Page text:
Forging Community at HRC’s Summer Institute for Religion and Theological Study
August 30, 2011 by Sharon Groves, Director, Religion and Faith Program
The famous feminist Simone de Beauvoir wrote “one is not born a woman, but becomes one.” Paraphrasing her, Dr. Ellen Armour spoke to the 2011 HRC Scholarship and Mentorship Program’s Summer Institute for Religious and Theological Study class, “one is not born a community, but becomes one.” And this is exactly what the class of 2011 did in Nashville, Tennessee!
Thanks to the generous support of the E. Rhodes and Leona B. Carpenter Foundation and the E. Rhodes and Leona B. Carpenter Program in Religion, Gender, and Sexuality at Vanderbilt University School of Divinity, 16 students at this second annual HRC summer institute forged a community of accountability that will have direct implications in their universities, their places of worship and their neighborhoods. At this year’s summer institute students developed a muscle for a different kind of scholarship and activism. As newly emerging scholars, they explored ways of doing their work that does not privilege a scholarly ego over the importance of giving voice to the unseen, overlooked, and often discarded in our midst. And, as scholar activists, they sought ways to connect with faith and secular communities on the ground without arrogance and without checking their theoretical analysis at the door, but by finding ways to build lasting connections with those working to change the conditions of their communities, whether through laws and policies or by changing cultural assumptions.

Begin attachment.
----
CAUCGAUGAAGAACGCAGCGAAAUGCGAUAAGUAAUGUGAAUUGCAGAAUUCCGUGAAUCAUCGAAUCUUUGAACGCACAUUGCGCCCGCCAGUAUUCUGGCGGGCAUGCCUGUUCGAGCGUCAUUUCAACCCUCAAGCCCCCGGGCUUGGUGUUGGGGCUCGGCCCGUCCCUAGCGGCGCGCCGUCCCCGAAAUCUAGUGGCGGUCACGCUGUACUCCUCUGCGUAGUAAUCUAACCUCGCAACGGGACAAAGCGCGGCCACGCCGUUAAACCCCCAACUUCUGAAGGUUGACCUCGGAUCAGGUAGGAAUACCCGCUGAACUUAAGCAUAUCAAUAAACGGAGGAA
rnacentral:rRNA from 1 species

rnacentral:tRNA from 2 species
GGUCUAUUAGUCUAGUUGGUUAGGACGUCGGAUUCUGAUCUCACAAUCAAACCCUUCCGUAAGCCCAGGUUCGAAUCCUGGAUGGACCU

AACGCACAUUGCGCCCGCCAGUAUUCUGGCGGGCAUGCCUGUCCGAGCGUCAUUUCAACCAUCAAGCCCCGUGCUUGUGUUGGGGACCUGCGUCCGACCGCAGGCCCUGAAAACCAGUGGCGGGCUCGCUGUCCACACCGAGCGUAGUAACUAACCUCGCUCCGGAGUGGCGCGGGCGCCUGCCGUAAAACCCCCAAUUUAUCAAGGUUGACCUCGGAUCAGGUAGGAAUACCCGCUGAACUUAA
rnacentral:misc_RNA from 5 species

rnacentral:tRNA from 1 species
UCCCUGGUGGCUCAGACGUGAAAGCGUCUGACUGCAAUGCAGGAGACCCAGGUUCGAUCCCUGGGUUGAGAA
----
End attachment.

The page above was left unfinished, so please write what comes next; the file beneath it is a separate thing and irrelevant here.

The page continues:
This second HRC Summer Institute brought together 16 students and over a dozen of some of the most gifted scholars and theologians working in the country today. The institute brought back the brilliant facilitation of Dr. Rebecca Alpert and Dr. Ken Stone who, as seasoned teachers and well-regarded scholars in their respective fields, have an exceptional talent for helping students to find their voice and then connecting those individual voices to the larger community. They were joined by the equally astonishing group of mentors, Dr. Kent Britnall, Dr. Patrick Cheng, and Dr. Heather White, who patiently worked with the students to navigate a sustainable path in the increasingly treacherous maze we call academia.
One of our keynote presenters, Mary Hunt referred to a presentation by three of last year’s participants, Sara Rosenau, Robyn Henderson-Espinoza, and Dr. Nikki Young, “they will be at it for year’s to come and they will make change.” She then went on to cite the remarkable scholarly/activist collaborative efforts of feminist theologians who came together for a similar program nearly 40 years ago. These women, gathered to do the imaginative work of giving expression to the religious experiences of women and finding frames to speak to the challenges they faced, are now heading programs and organizations that have and continue to transform our understanding of women and religion. The summer institute, still in its infancy, is doing that same work for the LGBTQ and allied community. Together these extraordinary students are planting the seeds for a new kind of religious scholarship and activism that is good for LGBTQ people and is good for religion.
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